The purpose of Enterprise Architecture is to optimize across the enterprise the often fragmented legacy of processes (both manual and automated) into an integrated environment that is responsive to change and supportive of the delivery of the business strategy. The Open Group Architecture Framework, Part I: Introduction

One of the tasks of an Enterprise Architect (EA) is to produce a set of artifacts that collectively form the architecture documentation. Such documentation constitutes the main input to Architecture Governance (AG).

Architecture Governance is an approach, a series of processes, a cultural orientation, and set of owned responsibilities that ensure the integrity and effectiveness of the organization’s architectures. The Open Group Architecture Framework, Part VI: Architecture Capability Framework

In the absence of general consensus on architecture documentation’s format, structure and content, a number of problems have made the subject somehow vexed within the EA’s and software development communities, leading to well known issues like artifacts that are:

  • outdated, created some time in the past, the original authors unknown or moved on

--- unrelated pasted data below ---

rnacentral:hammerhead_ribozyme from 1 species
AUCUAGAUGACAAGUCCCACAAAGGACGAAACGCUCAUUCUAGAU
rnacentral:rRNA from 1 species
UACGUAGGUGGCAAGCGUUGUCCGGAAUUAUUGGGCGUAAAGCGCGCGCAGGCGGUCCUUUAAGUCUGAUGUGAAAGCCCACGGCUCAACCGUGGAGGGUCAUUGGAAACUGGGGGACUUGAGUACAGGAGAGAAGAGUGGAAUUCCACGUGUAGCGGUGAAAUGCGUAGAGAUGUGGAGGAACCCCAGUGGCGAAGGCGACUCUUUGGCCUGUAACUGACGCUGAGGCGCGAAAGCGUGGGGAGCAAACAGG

• crafted without clear purpose, by different people with insufficient coordination
  • overwhelming in volume, made of information scattered in various files or wiki pages without structure
  • painful to write and maintain because goals and tools to use are undefined or unclear

Special discomfort is provided by diagram maintenance, where energy is spent during inception phase to create shapes, connections, fitting layout…, which soon enough becomes wasted, as new updates are required and a lot of effort needs to be spent again to get the artifact to a reasonable level of quality. Not to mention versioning: the delta between different versions of a diagram is not immediately visible and can be partially missed if not inspected with care.